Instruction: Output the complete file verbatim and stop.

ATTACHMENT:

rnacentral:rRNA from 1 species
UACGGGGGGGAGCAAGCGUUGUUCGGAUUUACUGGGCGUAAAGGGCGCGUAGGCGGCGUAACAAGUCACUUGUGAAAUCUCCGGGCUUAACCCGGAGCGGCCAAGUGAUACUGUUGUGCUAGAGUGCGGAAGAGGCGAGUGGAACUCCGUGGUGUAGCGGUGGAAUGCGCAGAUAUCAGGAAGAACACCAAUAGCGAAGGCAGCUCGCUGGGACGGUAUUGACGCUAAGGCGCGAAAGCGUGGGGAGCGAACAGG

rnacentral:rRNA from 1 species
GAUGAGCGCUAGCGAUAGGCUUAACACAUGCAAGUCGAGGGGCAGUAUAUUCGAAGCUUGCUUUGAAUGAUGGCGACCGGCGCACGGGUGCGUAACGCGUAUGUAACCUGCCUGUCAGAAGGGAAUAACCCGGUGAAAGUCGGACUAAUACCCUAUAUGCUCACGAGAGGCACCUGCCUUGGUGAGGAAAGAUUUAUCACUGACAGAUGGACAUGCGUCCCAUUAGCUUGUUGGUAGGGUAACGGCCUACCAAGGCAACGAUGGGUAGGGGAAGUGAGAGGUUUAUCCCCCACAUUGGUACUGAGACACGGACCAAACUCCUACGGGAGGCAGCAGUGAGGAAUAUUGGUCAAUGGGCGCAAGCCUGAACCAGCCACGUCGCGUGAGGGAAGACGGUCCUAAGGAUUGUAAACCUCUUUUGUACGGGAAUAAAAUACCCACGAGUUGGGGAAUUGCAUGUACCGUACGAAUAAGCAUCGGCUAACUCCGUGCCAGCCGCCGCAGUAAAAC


rnacentral:rRNA from 1 species
UACGGGGGGGAGCAAGCGUUGUUCGGAUUUACUGGGCGUAAAGGGCGCGUAGGCGGCGUAACAAGUCACUUGUGAAAUCUCCGGGCUUAACCCGGAGCGGCCAAGUGAUACUGUUGUGCUAGAGUGCGGAAGAGGCGAGUGGAACUCCGUGGUGUAGCGGUGGAAUGCGCAGAUAUCAGGAAGAACACCAAUAGCGAAGGCAGCUCGCUGGGACGGUAUUGACGCUAAGGCGCGAAAGCGUGGGGAGCGAACAGG

rnacentral:rRNA from 1 species
GAUGAGCGCUAGCGAUAGGCUUAACACAUGCAAGUCGAGGGGCAGUAUAUUCGAAGCUUGCUUUGAAUGAUGGCGACCGGCGCACGGGUGCGUAACGCGUAUGUAACCUGCCUGUCAGAAGGGAAUAACCCGGUGAAAGUCGGACUAAUACCCUAUAUGCUCACGAGAGGCACCUGCCUUGGUGAGGAAAGAUUUAUCACUGACAGAUGGACAUGCGUCCCAUUAGCUUGUUGGUAGGGUAACGGCCUACCAAGGCAACGAUGGGUAGGGGAAGUGAGAGGUUUAUCCCCCACAUUGGUACUGAGACACGGACCAAACUCCUACGGGAGGCAGCAGUGAGGAAUAUUGGUCAAUGGGCGCAAGCCUGAACCAGCCACGUCGCGUGAGGGAAGACGGUCCUAAGGAUUGUAAACCUCUUUUGUACGGGAAUAAAAUACCCACGAGUUGGGGAAUUGCAUGUACCGUACGAAUAAGCAUCGGCUAACUCCGUGCCAGCCGCCGCAGUAAAAC